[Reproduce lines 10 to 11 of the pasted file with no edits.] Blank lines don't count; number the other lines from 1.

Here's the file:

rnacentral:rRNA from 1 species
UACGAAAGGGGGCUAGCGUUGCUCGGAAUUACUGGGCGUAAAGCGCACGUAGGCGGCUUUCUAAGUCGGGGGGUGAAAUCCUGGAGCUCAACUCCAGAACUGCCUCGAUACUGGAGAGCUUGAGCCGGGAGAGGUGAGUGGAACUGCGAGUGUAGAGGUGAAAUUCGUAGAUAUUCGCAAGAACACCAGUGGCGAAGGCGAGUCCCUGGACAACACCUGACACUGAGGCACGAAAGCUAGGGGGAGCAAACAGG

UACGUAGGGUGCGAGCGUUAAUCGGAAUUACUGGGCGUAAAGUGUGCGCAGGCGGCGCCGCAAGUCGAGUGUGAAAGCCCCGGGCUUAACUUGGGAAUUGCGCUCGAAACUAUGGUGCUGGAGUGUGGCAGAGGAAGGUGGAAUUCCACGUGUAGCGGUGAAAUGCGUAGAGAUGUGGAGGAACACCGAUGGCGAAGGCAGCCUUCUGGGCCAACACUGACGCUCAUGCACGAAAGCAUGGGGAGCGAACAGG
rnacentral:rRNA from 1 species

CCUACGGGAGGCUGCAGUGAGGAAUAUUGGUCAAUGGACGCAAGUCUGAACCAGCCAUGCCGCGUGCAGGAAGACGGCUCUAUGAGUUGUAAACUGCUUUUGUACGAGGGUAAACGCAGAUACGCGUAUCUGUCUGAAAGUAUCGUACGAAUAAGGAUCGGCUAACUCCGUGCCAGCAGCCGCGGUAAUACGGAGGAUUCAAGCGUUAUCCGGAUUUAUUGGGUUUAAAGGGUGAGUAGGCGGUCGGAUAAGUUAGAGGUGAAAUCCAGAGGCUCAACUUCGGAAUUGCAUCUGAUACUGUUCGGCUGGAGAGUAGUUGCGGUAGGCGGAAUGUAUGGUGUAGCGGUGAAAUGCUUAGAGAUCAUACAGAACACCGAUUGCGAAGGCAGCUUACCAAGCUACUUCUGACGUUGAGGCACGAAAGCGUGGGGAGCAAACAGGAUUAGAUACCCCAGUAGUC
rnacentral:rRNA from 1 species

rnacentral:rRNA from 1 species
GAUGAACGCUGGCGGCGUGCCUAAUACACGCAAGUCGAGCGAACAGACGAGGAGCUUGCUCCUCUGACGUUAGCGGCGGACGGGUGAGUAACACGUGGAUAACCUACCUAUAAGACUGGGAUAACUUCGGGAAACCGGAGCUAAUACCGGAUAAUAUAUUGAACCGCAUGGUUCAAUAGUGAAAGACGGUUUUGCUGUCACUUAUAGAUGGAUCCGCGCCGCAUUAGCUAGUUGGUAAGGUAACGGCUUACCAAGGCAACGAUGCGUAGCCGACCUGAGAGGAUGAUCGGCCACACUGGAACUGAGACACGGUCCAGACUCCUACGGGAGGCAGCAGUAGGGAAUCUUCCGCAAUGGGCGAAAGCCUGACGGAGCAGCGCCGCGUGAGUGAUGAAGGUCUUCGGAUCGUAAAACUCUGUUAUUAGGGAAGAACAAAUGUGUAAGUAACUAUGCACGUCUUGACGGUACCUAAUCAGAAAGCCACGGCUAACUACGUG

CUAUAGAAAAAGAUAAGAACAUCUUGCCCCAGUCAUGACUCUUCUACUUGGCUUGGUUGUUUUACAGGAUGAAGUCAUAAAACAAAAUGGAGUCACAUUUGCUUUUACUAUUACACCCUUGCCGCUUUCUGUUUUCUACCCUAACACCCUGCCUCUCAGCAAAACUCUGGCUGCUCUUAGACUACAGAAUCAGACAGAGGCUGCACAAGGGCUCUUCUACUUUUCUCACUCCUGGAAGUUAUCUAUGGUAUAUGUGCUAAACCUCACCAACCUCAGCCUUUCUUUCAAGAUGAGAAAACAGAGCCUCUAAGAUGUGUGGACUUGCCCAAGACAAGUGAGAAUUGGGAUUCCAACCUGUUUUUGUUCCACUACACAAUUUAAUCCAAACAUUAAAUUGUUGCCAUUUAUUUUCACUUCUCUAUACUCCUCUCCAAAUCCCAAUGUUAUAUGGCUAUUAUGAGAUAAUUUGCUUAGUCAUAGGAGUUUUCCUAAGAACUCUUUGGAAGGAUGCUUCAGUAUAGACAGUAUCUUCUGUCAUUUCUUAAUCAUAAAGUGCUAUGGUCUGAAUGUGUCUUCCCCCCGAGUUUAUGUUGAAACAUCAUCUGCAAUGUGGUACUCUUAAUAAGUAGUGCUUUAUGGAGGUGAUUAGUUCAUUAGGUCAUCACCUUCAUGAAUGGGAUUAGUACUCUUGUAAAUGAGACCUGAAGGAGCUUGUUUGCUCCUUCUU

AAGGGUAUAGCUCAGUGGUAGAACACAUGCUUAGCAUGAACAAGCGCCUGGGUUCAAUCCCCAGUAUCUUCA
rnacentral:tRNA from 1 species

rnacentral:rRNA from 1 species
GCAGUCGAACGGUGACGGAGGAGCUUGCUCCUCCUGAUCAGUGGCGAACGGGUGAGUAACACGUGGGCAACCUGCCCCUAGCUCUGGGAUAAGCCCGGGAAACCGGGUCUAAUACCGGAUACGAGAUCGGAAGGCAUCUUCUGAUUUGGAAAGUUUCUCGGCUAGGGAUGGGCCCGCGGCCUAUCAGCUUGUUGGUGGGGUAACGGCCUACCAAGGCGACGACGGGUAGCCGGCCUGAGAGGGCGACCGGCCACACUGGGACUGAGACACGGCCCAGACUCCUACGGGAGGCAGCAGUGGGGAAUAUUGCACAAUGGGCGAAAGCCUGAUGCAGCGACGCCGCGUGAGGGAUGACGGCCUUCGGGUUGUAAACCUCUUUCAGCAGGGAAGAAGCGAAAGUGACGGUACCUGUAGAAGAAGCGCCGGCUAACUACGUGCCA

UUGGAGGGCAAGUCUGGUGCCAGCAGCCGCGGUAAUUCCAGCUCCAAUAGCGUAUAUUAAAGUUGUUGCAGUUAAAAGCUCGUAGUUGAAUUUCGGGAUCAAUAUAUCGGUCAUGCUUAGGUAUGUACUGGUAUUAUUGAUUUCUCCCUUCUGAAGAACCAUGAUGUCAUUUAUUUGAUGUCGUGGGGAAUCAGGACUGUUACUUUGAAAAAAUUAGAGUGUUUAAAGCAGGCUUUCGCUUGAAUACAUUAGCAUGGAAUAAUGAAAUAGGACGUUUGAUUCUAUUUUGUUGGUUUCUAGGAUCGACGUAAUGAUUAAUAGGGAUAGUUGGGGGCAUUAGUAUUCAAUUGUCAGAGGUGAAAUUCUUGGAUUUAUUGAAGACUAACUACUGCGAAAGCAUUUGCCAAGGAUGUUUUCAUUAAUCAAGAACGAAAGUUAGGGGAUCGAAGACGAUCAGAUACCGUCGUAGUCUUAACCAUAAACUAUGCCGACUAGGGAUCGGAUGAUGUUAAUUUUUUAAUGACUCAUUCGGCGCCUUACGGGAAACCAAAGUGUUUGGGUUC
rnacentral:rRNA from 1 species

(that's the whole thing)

AAGGGUAUAGCUCAGUGGUAGAACACAUGCUUAGCAUGAACAAGCGCCUGGGUUCAAUCCCCAGUAUCUUCA
rnacentral:tRNA from 1 species